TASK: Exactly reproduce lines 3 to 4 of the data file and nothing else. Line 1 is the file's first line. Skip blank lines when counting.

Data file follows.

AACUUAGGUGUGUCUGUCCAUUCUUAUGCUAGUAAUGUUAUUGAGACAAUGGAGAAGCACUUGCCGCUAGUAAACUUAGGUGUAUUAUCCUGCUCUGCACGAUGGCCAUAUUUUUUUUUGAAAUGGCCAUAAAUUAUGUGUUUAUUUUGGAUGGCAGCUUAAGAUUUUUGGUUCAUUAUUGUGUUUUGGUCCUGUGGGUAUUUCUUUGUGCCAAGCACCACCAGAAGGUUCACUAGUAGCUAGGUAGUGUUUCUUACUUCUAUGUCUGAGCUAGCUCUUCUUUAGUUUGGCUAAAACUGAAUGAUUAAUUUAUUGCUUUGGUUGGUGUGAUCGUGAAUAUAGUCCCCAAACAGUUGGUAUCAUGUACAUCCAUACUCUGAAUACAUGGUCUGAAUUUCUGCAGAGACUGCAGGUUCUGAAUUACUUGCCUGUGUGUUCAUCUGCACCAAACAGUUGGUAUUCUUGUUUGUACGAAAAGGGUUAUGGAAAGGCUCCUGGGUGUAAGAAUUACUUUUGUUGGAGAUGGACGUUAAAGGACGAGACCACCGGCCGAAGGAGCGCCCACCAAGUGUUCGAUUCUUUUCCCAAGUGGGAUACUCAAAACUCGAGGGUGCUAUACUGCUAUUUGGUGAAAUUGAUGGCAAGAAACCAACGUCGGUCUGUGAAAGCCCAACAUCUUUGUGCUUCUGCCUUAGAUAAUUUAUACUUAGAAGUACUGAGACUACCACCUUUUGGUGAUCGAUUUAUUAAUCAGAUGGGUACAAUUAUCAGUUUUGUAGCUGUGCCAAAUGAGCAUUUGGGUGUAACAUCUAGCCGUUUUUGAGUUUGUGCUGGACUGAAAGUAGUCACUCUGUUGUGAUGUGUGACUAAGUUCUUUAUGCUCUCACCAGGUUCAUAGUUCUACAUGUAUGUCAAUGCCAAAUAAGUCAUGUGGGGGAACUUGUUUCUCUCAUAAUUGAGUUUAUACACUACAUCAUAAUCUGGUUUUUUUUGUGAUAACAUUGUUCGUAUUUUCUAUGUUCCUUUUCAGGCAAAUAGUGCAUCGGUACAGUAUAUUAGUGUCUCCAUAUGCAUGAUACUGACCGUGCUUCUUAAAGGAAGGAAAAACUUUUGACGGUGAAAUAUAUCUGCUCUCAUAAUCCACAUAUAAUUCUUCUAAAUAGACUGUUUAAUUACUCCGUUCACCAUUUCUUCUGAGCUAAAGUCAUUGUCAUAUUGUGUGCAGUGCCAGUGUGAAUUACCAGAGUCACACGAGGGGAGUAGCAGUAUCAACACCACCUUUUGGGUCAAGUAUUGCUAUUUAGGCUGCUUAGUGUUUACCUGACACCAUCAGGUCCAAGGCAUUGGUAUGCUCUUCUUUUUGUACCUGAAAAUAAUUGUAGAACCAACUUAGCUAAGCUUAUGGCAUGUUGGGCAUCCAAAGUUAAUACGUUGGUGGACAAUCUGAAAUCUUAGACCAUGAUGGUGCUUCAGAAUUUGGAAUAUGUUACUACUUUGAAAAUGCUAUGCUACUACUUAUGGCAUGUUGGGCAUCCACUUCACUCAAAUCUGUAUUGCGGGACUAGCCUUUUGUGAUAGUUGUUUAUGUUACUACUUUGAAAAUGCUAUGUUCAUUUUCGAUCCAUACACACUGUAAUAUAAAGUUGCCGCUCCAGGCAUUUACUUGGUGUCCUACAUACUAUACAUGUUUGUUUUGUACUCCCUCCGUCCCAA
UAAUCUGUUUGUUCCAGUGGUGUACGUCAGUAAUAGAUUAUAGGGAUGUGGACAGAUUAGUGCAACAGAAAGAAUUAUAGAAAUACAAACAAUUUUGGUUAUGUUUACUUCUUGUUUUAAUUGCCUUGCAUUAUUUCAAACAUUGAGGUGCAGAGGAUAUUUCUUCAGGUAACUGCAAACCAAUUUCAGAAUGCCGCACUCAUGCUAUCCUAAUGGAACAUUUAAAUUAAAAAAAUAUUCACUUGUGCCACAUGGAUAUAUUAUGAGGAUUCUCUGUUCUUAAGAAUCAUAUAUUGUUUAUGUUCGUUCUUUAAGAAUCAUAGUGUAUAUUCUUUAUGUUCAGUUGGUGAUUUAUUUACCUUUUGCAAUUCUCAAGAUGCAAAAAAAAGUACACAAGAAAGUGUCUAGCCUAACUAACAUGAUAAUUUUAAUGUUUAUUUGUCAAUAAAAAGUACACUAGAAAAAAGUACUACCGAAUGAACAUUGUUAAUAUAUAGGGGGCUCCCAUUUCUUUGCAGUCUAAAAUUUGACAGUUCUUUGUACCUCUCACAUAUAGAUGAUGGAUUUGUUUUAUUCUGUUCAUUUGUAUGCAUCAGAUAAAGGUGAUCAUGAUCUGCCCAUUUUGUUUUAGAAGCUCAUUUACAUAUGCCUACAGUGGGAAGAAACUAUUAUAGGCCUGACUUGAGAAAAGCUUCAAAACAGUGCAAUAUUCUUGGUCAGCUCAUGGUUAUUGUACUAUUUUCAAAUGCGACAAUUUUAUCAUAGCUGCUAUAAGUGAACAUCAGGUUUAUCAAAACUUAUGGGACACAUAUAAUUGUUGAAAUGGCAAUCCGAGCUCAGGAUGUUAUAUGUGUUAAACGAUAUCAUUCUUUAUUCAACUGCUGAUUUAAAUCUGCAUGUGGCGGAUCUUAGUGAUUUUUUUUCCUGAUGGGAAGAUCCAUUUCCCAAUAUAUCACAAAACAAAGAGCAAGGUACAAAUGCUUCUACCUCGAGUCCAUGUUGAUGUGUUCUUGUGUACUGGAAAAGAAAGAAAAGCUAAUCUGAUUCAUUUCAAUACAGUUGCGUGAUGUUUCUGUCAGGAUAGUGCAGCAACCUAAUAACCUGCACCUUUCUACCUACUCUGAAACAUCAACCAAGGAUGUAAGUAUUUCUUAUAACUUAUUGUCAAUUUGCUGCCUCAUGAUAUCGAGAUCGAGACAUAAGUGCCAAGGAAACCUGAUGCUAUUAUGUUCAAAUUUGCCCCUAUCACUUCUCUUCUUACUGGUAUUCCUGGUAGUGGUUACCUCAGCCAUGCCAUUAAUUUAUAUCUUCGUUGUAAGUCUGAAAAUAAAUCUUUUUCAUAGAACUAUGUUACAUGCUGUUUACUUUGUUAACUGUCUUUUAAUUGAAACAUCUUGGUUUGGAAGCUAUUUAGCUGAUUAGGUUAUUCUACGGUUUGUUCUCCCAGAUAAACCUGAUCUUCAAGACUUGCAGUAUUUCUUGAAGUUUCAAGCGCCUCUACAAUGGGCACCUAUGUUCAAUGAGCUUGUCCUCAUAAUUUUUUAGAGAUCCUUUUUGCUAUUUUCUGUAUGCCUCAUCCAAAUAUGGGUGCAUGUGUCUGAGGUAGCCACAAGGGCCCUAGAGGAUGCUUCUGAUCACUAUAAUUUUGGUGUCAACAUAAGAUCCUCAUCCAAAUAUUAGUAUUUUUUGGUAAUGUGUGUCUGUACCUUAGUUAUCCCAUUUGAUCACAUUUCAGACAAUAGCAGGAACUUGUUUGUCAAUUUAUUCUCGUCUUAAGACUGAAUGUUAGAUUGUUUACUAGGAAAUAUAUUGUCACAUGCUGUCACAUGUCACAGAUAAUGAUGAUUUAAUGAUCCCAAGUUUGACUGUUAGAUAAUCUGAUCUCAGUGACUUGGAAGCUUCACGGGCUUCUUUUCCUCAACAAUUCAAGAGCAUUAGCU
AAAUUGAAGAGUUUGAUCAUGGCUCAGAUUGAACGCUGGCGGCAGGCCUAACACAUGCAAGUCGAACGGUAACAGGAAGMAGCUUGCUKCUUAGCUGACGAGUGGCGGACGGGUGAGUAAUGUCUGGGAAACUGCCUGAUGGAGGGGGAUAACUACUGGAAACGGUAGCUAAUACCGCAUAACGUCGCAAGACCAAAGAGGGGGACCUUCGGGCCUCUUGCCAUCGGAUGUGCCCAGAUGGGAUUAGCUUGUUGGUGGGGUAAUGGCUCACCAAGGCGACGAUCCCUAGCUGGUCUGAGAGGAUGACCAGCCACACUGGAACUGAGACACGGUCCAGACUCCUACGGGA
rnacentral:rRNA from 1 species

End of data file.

AAAUUGAAGAGUUUGAUCAUGGCUCAGAUUGAACGCUGGCGGCAGGCCUAACACAUGCAAGUCGAACGGUAACAGGAAGMAGCUUGCUKCUUAGCUGACGAGUGGCGGACGGGUGAGUAAUGUCUGGGAAACUGCCUGAUGGAGGGGGAUAACUACUGGAAACGGUAGCUAAUACCGCAUAACGUCGCAAGACCAAAGAGGGGGACCUUCGGGCCUCUUGCCAUCGGAUGUGCCCAGAUGGGAUUAGCUUGUUGGUGGGGUAAUGGCUCACCAAGGCGACGAUCCCUAGCUGGUCUGAGAGGAUGACCAGCCACACUGGAACUGAGACACGGUCCAGACUCCUACGGGA
rnacentral:rRNA from 1 species